I love travelling on my own; I can go where I want, eat what I want, hang out with who I want – I can even sleep off a hangover in the middle of the day if I want! There’s no rush to fit in with other people’s plans, and I have the the freedom to travel at the pace that suits me. That being said, taking that leap into your first solo trip can be daunting, so here’s some top tips to help you out…
Book a mini-break if you’re unsure
You don’t have to jump straight in with a six month voyage to the middle of nowhere; if you’re not sure that you’re going to like being a solo traveller, or you’re keen to reassure family and friends that you’re not going to get abducted and held for ransom, try a long weekend first to test the water – you can see whether you like your own company or whether it’s just not for you.
Research where you want to go
Cities in Spain for example have lots of English speakers if you’re worried about dealing with a language barrier on your own, Ireland is quick and easy to get home from if you need to and you can get the Eurostar to France or Belgium if you’re nervous of flying without a familiar face to look after you. There are some places that are better for solo travellers than others and sadly, this does apply more to solo female travellers. Yes, girls can and do travel all over the world, but use your common sense – if you’re not going to feel comfortable travelling through Afghanistan, don’t force yourself to go just because someone on the internet says you should. Your travels are exactly that, yours.
Find a social hostel
I love staying in hostels as you meet so many people who can make your trip amazing. I didn’t know what to expect when I booked my first ever hostel, but I instantly met fantastic people who I loved exploring the city with. Check if the place offers activities like walking tours or bar crawls as they are perfect opportunities to talk to people if you’re on your own, or look at reviews to see if there’s a common area/kitchen – they’re ideal places to get chatting to people. Some even offer group dinners, where you’ll soon forget that you’re actually on your first solo trip! If you’re still not sure, check out my verdict on the top hostel myths and my top tips on choosing a hostel.
Pretend you’re on your first solo trip at home
This might sound strange, but try and get used to your own company before you head off on a trip. If you’re used to always being with a group of people, doing little things on your own like going for a coffee, going shopping or going for a walk can give you a clue as to what travelling alone will be like. Go on an overnight stay in a city or head to the coast for a day or two. If you’re not used to doing things like asking people for directions, start doing it now when you speak the same language so it’ll just feel normal when you have to do it on your actual trip… and you WILL need to do it on your actual trip!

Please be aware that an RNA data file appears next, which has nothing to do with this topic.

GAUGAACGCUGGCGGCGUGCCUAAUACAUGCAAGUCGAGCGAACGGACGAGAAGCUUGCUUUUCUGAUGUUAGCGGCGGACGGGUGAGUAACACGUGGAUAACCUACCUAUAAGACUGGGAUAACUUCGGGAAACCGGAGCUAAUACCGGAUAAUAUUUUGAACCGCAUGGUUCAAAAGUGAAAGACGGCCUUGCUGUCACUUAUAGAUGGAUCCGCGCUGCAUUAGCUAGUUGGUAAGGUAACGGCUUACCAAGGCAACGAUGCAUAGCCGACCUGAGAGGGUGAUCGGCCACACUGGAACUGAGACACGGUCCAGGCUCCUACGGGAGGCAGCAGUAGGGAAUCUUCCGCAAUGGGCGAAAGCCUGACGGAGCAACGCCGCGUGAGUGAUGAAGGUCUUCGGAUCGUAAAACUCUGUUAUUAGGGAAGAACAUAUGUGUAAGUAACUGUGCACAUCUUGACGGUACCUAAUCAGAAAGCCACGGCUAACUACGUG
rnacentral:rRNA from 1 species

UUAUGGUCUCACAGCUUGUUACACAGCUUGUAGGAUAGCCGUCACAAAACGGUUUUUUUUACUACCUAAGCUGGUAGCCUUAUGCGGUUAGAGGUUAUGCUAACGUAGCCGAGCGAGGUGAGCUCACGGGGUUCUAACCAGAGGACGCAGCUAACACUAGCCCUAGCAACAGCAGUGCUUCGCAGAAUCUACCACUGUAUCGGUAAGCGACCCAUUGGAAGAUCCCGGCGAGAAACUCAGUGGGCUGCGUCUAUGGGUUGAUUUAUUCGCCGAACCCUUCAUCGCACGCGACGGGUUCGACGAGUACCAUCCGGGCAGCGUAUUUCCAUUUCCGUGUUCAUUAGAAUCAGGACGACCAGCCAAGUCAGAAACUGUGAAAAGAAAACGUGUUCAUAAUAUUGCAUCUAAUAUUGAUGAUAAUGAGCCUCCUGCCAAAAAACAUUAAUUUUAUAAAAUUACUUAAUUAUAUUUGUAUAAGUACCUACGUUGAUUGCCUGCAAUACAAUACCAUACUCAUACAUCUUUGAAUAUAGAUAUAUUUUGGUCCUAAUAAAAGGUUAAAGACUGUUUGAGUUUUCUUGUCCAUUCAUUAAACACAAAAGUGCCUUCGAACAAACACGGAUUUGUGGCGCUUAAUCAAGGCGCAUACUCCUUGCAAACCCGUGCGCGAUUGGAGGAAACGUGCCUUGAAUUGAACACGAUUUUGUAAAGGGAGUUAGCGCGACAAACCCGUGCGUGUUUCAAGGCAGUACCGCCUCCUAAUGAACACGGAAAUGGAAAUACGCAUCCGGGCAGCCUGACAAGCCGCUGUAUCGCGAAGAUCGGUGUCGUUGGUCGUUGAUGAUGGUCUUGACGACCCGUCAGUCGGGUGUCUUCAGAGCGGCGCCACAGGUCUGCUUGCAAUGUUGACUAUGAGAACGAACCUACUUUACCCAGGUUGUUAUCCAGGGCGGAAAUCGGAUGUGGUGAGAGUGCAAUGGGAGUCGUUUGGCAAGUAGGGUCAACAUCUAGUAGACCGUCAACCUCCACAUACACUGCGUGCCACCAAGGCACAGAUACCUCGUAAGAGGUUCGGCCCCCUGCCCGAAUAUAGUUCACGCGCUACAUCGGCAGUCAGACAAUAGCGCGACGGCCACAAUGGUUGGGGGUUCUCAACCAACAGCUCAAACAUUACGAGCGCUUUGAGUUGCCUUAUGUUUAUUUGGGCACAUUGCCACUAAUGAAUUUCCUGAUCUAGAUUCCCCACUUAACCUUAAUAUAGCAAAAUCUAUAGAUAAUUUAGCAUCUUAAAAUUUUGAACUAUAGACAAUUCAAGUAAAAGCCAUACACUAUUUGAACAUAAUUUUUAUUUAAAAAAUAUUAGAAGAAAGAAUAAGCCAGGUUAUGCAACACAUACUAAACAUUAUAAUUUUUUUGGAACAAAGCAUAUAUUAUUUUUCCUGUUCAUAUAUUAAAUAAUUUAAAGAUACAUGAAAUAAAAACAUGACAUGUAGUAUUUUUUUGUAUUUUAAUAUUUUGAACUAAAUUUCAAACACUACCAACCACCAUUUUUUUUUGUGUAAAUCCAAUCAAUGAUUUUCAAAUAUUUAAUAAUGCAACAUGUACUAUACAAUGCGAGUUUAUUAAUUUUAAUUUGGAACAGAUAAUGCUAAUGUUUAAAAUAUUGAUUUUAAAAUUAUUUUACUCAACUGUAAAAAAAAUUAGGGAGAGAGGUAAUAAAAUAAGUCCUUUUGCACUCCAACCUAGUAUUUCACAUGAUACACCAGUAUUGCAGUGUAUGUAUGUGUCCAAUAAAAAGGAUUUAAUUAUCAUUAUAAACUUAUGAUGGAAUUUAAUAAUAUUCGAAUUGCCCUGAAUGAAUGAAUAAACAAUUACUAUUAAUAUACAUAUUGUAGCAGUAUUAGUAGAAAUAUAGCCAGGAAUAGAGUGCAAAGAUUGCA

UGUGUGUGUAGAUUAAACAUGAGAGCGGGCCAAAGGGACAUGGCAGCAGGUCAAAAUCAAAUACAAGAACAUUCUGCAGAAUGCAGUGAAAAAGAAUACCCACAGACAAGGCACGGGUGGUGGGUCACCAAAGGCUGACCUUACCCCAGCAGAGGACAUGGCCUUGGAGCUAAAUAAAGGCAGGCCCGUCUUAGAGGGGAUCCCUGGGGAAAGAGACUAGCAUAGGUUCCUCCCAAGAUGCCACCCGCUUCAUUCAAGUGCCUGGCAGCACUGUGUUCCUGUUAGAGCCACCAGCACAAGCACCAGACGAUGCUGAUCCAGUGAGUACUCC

Don’t let people put you off
I admit, I failed at this first time around; I had this great idea that I was going to go to Poland, and my parents were not keen on the idea. I’m an avid blog reader so I knew that it wasn’t half as unsafe as they seemed to think it was – I couldn’t be bothered to argue though so I put my plans on hold. A year later I went to see my friend in Bratislava, then headed to Budapest on my own. They saw I coped perfectly fine, got back in one piece (despite the palinka/cancelled flights/day from hell trying to get home/being invited into a crack den… this sort of stuff always happens to me though!) and made new friends in the hostel, so they didn’t bat an eyelid the next time I said I was off on a solo trip.
If family at home are concerned, put a contact plan in place so everyone knows how much or little contact everyone else wants. If promising a text a day will put their minds at ease, it’s a small price to pay to make life a lot easier…
It doesn’t matter if you change your mind
If you do your research and decide that actually you’re not sure solo travel is for you, that’s fine! We’re all different and have different travel styles; some people swear by Couchsurfing whereas I’m not sure about it, and what I do on a trip might not appeal to others. There’s no right way to travel, and there is certainly no shame in deciding that you’d rather take a trip with friends or family.
Off on your first solo trip or a seasoned solo pro? Leave me a comment and let me know!